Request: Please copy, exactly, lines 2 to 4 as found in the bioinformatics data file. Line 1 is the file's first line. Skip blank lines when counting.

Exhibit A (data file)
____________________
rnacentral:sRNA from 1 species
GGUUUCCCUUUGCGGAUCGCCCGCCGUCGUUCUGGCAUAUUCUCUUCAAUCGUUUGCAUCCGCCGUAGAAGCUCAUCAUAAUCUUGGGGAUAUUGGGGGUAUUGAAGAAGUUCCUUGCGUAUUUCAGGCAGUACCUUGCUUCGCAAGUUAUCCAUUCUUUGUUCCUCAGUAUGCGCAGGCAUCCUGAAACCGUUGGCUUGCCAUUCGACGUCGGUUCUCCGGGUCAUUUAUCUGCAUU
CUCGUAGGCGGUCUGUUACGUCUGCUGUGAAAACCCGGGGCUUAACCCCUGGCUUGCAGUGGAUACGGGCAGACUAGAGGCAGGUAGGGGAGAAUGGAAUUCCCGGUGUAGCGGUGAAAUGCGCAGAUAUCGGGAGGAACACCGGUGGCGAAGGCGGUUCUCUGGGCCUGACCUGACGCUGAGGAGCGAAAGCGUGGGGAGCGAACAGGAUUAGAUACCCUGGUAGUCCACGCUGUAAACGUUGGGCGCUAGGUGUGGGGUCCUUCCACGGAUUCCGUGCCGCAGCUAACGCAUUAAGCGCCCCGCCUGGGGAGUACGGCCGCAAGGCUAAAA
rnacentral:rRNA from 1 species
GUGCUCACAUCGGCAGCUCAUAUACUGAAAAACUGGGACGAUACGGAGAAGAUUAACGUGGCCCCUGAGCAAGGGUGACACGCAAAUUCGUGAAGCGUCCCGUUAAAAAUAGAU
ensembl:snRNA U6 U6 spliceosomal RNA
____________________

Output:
GGUUUCCCUUUGCGGAUCGCCCGCCGUCGUUCUGGCAUAUUCUCUUCAAUCGUUUGCAUCCGCCGUAGAAGCUCAUCAUAAUCUUGGGGAUAUUGGGGGUAUUGAAGAAGUUCCUUGCGUAUUUCAGGCAGUACCUUGCUUCGCAAGUUAUCCAUUCUUUGUUCCUCAGUAUGCGCAGGCAUCCUGAAACCGUUGGCUUGCCAUUCGACGUCGGUUCUCCGGGUCAUUUAUCUGCAUU
CUCGUAGGCGGUCUGUUACGUCUGCUGUGAAAACCCGGGGCUUAACCCCUGGCUUGCAGUGGAUACGGGCAGACUAGAGGCAGGUAGGGGAGAAUGGAAUUCCCGGUGUAGCGGUGAAAUGCGCAGAUAUCGGGAGGAACACCGGUGGCGAAGGCGGUUCUCUGGGCCUGACCUGACGCUGAGGAGCGAAAGCGUGGGGAGCGAACAGGAUUAGAUACCCUGGUAGUCCACGCUGUAAACGUUGGGCGCUAGGUGUGGGGUCCUUCCACGGAUUCCGUGCCGCAGCUAACGCAUUAAGCGCCCCGCCUGGGGAGUACGGCCGCAAGGCUAAAA
rnacentral:rRNA from 1 species